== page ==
Serving type: Bottle into pilsner glass
I don’t know why I keep giving Sam Adams fruit-infused beers my immediate attention as I peruse the liquor store aisles. I guess I love the idea of a beer with a little something different and I hope that it will blow me away. From what I can tell so far, this isn’t going to happen anytime soon. I will say I was somewhat surprised by this witbier infused with blackberrys though. I guess my expectations were lowered because of my Cherry Wheat experience, so I wasn’t thinking this would be anything but a blackberry bomb. Well it wasn’t, and I could see why some people really enjoy this beer.
Blackberry Witbier pours a cloudy golden color with a half finger of white head. Not much to say about it really as it looked like a pretty standard beer. I will say it had above average lace retention that I appreciated.
I picked up mild blackberry and wheat scents while breathing it in. I will admit I was expecting some artificial blackberry smell, but I was impressed that it actually smelled like real blackberrys. Still, it was pretty ordinary and not really shattering my expectations. The taste did beat my expectations though as it had a surprisingly good balance of blackberry, malt, and spice. Naturally it was pretty light in the body and seemed to be strong with the carbonation.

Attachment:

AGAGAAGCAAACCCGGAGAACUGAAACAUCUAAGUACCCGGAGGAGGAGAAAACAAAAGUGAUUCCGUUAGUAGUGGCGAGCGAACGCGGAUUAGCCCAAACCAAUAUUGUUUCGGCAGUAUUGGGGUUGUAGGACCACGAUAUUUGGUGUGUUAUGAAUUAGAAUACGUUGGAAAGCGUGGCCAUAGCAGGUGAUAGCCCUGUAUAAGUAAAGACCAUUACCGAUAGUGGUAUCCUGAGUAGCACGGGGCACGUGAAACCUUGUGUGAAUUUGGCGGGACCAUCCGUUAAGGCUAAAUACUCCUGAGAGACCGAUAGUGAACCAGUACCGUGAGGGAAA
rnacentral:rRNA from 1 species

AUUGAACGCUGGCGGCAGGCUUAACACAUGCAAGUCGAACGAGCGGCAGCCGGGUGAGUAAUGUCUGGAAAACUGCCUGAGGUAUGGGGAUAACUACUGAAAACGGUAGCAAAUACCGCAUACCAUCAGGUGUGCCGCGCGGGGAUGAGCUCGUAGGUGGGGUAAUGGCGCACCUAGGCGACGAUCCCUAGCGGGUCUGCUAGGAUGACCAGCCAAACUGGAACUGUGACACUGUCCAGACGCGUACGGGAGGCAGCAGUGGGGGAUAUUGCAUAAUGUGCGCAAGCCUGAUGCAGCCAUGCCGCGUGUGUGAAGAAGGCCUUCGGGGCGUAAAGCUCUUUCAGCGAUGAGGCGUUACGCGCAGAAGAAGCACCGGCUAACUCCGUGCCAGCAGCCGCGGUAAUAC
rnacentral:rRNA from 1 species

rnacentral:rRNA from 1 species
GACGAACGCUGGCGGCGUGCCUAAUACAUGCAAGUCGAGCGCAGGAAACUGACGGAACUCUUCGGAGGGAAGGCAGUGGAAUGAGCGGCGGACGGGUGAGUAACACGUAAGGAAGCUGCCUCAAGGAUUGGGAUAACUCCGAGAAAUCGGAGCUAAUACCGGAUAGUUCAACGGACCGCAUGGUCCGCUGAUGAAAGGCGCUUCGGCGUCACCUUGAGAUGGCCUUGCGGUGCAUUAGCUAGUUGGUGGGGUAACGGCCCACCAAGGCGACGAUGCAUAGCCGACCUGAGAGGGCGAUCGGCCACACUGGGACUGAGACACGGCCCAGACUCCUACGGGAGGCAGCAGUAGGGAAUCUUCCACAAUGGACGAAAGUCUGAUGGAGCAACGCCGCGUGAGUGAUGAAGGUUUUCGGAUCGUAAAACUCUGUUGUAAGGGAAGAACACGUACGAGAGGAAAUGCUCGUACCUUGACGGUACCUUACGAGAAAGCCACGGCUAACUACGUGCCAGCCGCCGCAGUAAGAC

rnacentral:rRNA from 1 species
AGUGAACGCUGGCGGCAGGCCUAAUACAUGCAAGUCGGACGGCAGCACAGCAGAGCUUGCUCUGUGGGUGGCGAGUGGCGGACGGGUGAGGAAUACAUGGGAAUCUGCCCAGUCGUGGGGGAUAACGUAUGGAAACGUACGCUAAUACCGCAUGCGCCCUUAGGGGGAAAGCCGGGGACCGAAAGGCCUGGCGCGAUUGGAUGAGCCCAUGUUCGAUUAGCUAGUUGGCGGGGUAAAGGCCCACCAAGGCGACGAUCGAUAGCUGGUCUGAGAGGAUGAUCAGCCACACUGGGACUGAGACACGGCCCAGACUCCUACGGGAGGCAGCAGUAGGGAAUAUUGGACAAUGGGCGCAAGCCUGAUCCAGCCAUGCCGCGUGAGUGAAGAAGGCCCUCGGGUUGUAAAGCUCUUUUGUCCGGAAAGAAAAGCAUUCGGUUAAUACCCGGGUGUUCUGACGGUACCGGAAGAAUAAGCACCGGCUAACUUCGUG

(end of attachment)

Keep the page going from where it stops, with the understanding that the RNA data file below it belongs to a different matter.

Perhaps I was expecting this beer to be some Willy Wonka type experiment gone wrong. Overall, all I can really say is “the schnozberries tasted like schnozberries!”
I was expecting to bash this beer, but it proved itself worthy enough to finish and possibly recommend to a dumb girl who doesn’t really like beer but needs something to drink. It was a little too sweet to have more than one or two for my tastes, but I could see it being a pretty good beer on a hot summer day.